Being talked about
Someone once told me, “The only thing worse than being talked about is not being talked about at all.”
Well, the Brody School of Medicine at East Carolina University is certainly in the news. The Daily Reflector has published two articles of real significance about our school. Recently, there was an accounting of the history of the development of the school, and Sunday, there was the report that indicates that the school is achieving what it was intended to do – produce primary care physicians who want to stay in North Carolina.
We here down east don’t brag much and are most comfortable being modest. But this is just too much good news for me to stay quiet. We should all be very proud of our school!
Before I sustain a deluge of “bless your hearts,” I want to explain what I meant when I was quoted as saying, “We don’t really deserve that praise – that is what we’re supposed to do. That’s precisely the mission the school was created to serve.” The report was indicating the stellar statistics that our school has achieved in creating primary care doctors.
Technically, my statement is sound. However, it falls short in giving credit to the many mission-driven, dedicated faculty and staff who have given their all to make the remarkable statistics our reality. Our school was created in a time of turmoil and challenge, and today’s results would not have been achieved without the “service-before-self” attitude that has been displayed every single day since the school was created.
We were given a “mission impossible” more than 40 years ago. First, recruit underrepresented students from North Carolina and make them into doctors; second, make them into primary care doctors who want to serve in our communities; and last, cure the disastrous health conditions that even today run rampant throughout the eastern third of our state.
These were the challenges that our leaders took on courageously at the inception of our school. Some may have said they were foolish and reckless. As impossible as this mission seems to us today, the early leaders worked undaunted to accomplish the dream of a transformed health system.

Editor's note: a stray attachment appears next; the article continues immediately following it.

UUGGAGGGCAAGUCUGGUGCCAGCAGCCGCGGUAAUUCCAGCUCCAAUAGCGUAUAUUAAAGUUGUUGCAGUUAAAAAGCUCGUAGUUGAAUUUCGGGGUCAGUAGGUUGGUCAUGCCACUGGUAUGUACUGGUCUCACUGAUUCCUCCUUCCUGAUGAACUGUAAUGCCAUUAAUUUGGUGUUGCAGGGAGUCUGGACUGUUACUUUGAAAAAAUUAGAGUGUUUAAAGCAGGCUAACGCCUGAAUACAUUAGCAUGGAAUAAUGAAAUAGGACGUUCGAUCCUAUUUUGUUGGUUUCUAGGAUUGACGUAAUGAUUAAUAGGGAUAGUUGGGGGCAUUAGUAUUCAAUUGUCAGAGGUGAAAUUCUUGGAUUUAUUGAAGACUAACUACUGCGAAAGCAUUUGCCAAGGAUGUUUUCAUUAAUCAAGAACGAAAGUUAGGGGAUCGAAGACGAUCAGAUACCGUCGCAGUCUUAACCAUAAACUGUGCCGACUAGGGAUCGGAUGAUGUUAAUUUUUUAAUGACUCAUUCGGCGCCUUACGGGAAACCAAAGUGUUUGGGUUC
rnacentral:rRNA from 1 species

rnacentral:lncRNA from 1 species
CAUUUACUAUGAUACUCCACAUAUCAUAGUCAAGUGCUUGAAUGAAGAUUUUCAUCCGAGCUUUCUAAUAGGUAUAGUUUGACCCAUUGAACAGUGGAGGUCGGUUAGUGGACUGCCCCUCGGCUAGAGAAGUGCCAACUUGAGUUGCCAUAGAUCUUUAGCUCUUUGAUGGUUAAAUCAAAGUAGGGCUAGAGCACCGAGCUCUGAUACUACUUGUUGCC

Today, 26 percent of North Carolina doctors who attended medical school in the state are ECU graduates. Those graduates are bringing healing and financial wellness to the communities they serve. As much as $2 million is generated within each of the communities served by these doctors by the downstream economic effects of their practice. This economic benefit is a valuable byproduct of the social good that is being created.
I’ll let you in on a secret: We are still learning how to serve our citizens in even more efficient ways. It is not a coincidence that we are embedded in a health sciences campus with the most prolific and well-respected colleges of nursing and allied health sciences in the state. Add in the new dental school and the other resources across the campus, and, in collaboration with our sister schools, we are poised to revolutionize health care in our region.
Undeniably, the success that is evident today could not have been achieved if we did not have willing and supportive partners. At the inception, there was the Pitt County Memorial Hospital, then University Health Systems and now Vidant Health. Valuable support came from physicians in private practice who quickly learned that the integration of a medical school within eastern North Carolina would add to their abilities to serve their patients. Doctors across the region have been incredibly supportive. There are many others within the local business community and the region in general who have been generous in their support as well.
The miracle of medicine that has occurred in Greenville, by the banks of the mighty Tar River, and in the Pirate Nation will of necessity require that continued dedication and caring that was necessary when the school began. Medicine is undergoing a transformation as we speak, and we believe we can achieve even more as we work together to create an even more positive outcome for the benefit of our citizens. Our school has favored collaboration over competition, and we believe that this approach will be an essential component for our success in the future.
Finally, I must say that I am not really concerned about the “bless your hearts” that may be inevitable. I have always welcomed comment and critique. These comments have allowed me to adjust my thinking and are incredibly valuable. This is one component of strategic planning. We must plan our futures together. I am only perplexed when there is unwarranted criticism of the school. Invariably, this is due to a lack of understanding and, therefore, becomes an opportunity for me to educate and advise.
We are poised to continue the work. Expanding the capacity of the school to continue to serve is clearly on the agenda. My colleagues and I pledge to continue to work to serve our region’s needs while continuing this track record of success.